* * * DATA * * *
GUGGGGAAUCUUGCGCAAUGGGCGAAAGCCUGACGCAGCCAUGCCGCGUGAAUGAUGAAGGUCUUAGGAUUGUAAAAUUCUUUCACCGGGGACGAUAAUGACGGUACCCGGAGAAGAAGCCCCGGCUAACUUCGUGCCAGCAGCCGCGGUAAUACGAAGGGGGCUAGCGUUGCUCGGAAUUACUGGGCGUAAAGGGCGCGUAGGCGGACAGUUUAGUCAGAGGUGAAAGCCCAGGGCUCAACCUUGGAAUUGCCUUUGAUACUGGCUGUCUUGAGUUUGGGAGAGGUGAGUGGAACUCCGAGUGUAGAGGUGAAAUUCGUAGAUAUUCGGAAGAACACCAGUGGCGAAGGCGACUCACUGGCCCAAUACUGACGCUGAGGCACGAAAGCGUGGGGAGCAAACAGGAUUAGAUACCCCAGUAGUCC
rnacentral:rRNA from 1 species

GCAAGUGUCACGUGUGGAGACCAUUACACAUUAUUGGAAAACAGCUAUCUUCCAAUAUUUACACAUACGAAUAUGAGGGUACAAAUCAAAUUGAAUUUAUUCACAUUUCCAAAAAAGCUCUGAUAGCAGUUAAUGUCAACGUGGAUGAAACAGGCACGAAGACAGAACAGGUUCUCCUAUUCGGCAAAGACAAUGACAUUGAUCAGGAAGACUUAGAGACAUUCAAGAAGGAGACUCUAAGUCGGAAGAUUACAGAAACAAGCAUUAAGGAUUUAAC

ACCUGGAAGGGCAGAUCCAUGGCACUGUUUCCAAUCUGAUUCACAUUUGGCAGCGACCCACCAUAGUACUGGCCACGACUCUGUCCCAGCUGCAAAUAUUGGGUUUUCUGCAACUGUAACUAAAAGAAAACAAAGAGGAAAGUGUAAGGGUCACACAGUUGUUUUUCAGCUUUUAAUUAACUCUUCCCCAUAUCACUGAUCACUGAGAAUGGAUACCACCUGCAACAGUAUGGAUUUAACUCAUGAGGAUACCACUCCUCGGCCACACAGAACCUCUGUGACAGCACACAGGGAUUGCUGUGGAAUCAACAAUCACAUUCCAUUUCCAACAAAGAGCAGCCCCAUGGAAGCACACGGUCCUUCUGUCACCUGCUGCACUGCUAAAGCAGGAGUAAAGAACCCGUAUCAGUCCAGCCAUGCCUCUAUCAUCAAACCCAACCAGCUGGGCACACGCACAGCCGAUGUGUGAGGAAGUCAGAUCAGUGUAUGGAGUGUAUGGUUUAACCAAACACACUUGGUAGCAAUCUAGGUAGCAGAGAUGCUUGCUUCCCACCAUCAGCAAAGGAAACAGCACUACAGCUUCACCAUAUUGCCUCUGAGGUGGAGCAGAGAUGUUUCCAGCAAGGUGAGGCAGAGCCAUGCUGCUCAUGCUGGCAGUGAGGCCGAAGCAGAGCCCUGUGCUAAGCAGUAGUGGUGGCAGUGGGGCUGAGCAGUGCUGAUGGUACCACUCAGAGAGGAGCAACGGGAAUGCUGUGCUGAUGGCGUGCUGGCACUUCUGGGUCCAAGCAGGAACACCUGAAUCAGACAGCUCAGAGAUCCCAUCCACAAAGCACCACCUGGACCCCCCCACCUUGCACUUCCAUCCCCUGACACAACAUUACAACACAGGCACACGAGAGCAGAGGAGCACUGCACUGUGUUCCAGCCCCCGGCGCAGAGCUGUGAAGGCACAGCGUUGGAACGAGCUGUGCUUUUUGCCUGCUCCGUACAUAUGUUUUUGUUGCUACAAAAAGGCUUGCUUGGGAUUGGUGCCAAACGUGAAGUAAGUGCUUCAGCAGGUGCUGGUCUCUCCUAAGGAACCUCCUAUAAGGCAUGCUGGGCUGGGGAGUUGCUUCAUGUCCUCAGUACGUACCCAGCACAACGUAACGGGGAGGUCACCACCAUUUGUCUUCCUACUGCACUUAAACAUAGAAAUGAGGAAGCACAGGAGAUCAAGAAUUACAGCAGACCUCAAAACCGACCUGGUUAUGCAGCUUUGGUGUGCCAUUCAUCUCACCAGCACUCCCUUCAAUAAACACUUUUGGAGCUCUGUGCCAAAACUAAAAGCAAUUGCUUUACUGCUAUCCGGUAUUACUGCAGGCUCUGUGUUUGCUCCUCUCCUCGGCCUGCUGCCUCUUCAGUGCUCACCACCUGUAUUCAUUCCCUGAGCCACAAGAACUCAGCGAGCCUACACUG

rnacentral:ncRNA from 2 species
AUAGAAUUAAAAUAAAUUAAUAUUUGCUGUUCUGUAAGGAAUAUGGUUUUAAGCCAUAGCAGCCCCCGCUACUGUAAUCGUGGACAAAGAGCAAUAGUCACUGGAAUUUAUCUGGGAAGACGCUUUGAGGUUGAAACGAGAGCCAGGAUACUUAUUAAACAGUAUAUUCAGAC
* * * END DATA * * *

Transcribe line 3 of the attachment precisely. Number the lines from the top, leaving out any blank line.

GCAAGUGUCACGUGUGGAGACCAUUACACAUUAUUGGAAAACAGCUAUCUUCCAAUAUUUACACAUACGAAUAUGAGGGUACAAAUCAAAUUGAAUUUAUUCACAUUUCCAAAAAAGCUCUGAUAGCAGUUAAUGUCAACGUGGAUGAAACAGGCACGAAGACAGAACAGGUUCUCCUAUUCGGCAAAGACAAUGACAUUGAUCAGGAAGACUUAGAGACAUUCAAGAAGGAGACUCUAAGUCGGAAGAUUACAGAAACAAGCAUUAAGGAUUUAAC